Shute Shield XV: The Non Contracted Club Stars Ready To Play Super Rugby

The production line of talent through the Shute Shield competition cannot be questioned and as we head towards another Rugby World Cup cycle here’s a team of talented players ready for the next step.

There’s going to be a lot of change at the Waratahs over summer following the departures of coach Daryl Gibson and a host of high profile names who are off overseas at the end of the Rugby World Cup in Japan.

While a new coach is yet to be named, the Tahs back office will be hard at word putting together their squad for the 2020 season.

There’s a lot to like about the young talent currently at Daceyville and with time a number of those younger squad members will likely star in sky blue.

But in the mean time, what the Waratahs desperately need are some hard, experienced bodies that are capable of playing Super Rugby right away.

Fortunately, the Shute Shield is full of players that meet that description so we thought we’d pick a side of non-contracted guns that could add to the Tahs Super Rugby campaign in 2020.

1. Matt Sandell – Sydney Uni

Sandell spent several seasons at the Waratahs but as a prop, he probably wasn’t quite physically ready to play Super Rugby. His scrummaging technique though is arguably the best in the competition and at 24, he’s now ready to take the next step.

2. Mahe Vailanu – Gordon 

The Gordon forward is just as capable in the backrow as he is at hooker which fits the mould of the modern day No.2. Still only 22, Vailanu has two caps for the Rebels and will return to Melbourne to play in this year’s NRC.

3. Rob Lagudi – Eastwood

Behind Sydney Uni, Eastwood had the second most dominant scrum for most of 2019 and captain Rob Lagudi was a big reason why. At 26, Lagudi has plenty of upside and could take his game to a new level if he trained full time in a professional program.

4. Connor Vest – Northern Suburbs

While a number of his teammates have had a crack at Super Rugby already, Vest hasn’t had as much luck. The big bodied 25-year old is the competition’s most dominant lineout jumper and could start in the Tahs pack tomorrow.

5. Nick Champion de Crespigny – Sydney Uni

Similar to Vest, Champion de Crespigny is arguably the most underrated forward at Sydney Uni. Born and bred in Canberra, Champion de Crespigny is tough as nails and has a huge engine. He’s made the second most tackles of any Shute Shield player in 2019.

6. Michael Icely – Eastwood

Described by coach Ben Batger as a young Hugh Perrett, Icely has been brilliant in his first full season of first grade for the Woodies and could take his game to a new level after a full preseason in the gym. Still only 21, it seems it’s not a question of if but when Icely plays Super Rugby.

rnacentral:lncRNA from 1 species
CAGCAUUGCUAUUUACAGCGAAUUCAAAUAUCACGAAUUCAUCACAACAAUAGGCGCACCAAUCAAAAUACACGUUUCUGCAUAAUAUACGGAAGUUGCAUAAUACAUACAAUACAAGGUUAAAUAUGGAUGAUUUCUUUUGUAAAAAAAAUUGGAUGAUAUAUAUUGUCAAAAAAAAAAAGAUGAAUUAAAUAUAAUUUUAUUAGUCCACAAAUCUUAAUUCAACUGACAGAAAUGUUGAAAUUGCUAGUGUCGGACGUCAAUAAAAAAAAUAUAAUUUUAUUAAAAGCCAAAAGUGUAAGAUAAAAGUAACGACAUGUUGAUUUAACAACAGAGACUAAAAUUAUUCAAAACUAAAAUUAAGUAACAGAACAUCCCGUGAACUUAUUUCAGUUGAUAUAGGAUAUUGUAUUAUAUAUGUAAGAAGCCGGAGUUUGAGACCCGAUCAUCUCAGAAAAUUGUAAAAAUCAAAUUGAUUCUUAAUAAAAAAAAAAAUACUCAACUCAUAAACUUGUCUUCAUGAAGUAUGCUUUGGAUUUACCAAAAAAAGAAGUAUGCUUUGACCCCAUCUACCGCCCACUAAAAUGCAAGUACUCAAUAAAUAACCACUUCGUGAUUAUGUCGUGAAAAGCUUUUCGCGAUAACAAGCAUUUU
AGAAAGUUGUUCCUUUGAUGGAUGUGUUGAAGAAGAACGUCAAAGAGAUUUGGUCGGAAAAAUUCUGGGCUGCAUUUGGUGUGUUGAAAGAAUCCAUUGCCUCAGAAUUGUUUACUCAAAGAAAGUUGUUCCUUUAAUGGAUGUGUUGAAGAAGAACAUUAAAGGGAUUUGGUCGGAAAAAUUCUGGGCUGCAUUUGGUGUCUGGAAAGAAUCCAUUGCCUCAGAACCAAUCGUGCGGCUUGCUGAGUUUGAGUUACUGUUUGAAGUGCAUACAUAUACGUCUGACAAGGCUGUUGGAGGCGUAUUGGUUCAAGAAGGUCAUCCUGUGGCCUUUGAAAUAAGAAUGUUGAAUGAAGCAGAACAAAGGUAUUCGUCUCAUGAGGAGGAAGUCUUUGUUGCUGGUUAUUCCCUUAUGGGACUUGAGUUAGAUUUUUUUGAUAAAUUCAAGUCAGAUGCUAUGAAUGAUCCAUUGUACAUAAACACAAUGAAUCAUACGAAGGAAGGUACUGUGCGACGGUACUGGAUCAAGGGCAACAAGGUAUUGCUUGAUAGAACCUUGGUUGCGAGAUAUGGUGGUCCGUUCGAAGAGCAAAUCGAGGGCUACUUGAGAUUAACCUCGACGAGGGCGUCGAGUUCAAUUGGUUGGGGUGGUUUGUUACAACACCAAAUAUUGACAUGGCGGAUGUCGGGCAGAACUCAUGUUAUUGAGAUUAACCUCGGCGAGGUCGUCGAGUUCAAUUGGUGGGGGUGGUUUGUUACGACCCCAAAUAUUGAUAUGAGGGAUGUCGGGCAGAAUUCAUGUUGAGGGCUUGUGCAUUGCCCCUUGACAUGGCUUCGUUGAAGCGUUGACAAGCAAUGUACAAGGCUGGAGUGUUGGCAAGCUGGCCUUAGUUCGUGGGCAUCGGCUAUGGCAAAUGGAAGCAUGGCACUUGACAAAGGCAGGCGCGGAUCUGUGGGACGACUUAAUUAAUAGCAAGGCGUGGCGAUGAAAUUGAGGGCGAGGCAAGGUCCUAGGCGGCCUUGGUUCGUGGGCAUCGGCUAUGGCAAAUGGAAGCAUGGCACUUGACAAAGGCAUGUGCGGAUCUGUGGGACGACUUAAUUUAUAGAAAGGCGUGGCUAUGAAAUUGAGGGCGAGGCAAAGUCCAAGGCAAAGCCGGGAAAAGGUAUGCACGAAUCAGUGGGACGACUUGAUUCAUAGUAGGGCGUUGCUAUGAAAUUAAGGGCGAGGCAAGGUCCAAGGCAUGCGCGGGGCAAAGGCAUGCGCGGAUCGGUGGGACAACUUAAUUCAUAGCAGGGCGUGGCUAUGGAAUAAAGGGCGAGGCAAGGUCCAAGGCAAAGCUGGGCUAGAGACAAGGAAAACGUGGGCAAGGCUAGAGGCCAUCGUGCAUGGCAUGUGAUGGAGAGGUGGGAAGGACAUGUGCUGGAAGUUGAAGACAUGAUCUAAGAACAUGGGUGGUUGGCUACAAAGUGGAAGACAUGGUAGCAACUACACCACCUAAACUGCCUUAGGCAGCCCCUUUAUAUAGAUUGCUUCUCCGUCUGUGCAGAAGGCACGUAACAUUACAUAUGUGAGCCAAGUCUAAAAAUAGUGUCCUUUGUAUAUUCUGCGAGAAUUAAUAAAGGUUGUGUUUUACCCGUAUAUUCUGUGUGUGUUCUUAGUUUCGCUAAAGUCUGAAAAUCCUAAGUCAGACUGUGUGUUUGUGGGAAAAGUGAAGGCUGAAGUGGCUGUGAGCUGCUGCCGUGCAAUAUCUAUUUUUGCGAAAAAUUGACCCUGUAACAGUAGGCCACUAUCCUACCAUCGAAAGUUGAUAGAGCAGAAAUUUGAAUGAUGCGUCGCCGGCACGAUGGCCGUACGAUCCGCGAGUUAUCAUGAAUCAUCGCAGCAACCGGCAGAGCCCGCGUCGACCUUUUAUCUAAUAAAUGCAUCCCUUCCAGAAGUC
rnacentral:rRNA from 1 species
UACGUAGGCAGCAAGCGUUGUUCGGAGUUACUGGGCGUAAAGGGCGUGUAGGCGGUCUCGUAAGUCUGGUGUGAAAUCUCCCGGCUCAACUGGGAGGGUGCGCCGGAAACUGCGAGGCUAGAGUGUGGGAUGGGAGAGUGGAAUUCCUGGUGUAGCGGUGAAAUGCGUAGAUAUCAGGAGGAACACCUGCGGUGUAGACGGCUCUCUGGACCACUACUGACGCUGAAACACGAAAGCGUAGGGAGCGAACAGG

7. Rowan Perry – Eastern Suburbs

Rowan Perry hung up the boots over summer but came to his senses midway through the 2019 season and had an immediate impact at the Beasties. Perry spent time in the Brumbies program in his younger years and at 24, could still have a big future in Super Rugby. Manly veteran Kotoni Ale is another that should be playing at the next level but has never been given the opportunity.

8. Sam Ward – Warringah

While Ward’s budding Northern Beaches physio practice is keeping him busy, the 29-year old is exactly the experienced, big bodied forward the Waratahs need. Arguably the strongest ball carrier in the competition, Ward would give the Waratahs and their young halves some much needed front foot ball.

9. Dewet Roos – Southern Districts

The Southern Districts No.9 got a taste of Super Rugby with the Brumbies a few years back and proved he was up to it then. While he’s now one of the older No.9s in the competition, the 29-year-old is still causing his opposition headaches and could continue to do so in sky blue.

10. Angus Sinclair – Northern Suburbs

With Bernard Foley heading overseas, the Tahs are left with three young and relatively inexperienced No.10s at Daceyville. While Mack Mason deserves first crack at the starting flyhalf spot, the Tahs could benefit from an older head in the ranks and Sinclair at 29, could fill that role nicely.

11. Harry Jones – Warringah

Jones’ first stint at the Waratahs ended prematurely when he was released at the end of the 2017 season, but the Warringah winger looks to be a far more complete and mature player after spending a bit more time in club rugby. At 23, he’s now ready to compete at Super Rugby level and deserves another crack at some point.

12. Beaudein Waaka – Manly

He may be a Kiwi but he’s also been the most dangerous back in the competition this season after crossing the ditch to join Manly over summer. Waaka can play anywhere in the backline and at 25, still has his best rugby in front of him.

13. Dennis Pili-Gaitau – Manly

Pili-Gaitau returned from 12 months plying his trade in France late in the season and showed he hasn’t lost any speed or class. At 30, he’s closer to the end of his career than the start but he’s also experienced and a proven performer, something the Waratahs could benefit from greatly in 2019.

14. James Kane – Sydney Uni

You could make an argument that just about every young player at Sydney Uni deserves a shot at Super Rugby, based on their form over the past two seasons but Kane’s kicking accuracy and distance, both from the tee and in play, sees him get the nod over his equally talented teammate Harry Potter.

15. Tim Clements – Sydney Uni

Clements is a natural footballer who looks like he has all the time in the world when he’s got the ball. At 22, he could probably benefit from another preseason or two in the gym but is another that looks destined to play Super Rugby at some point in his career.

This article originally appeared in the Rugby News Shute Shield Grand Final Program.

error: Content is protected !!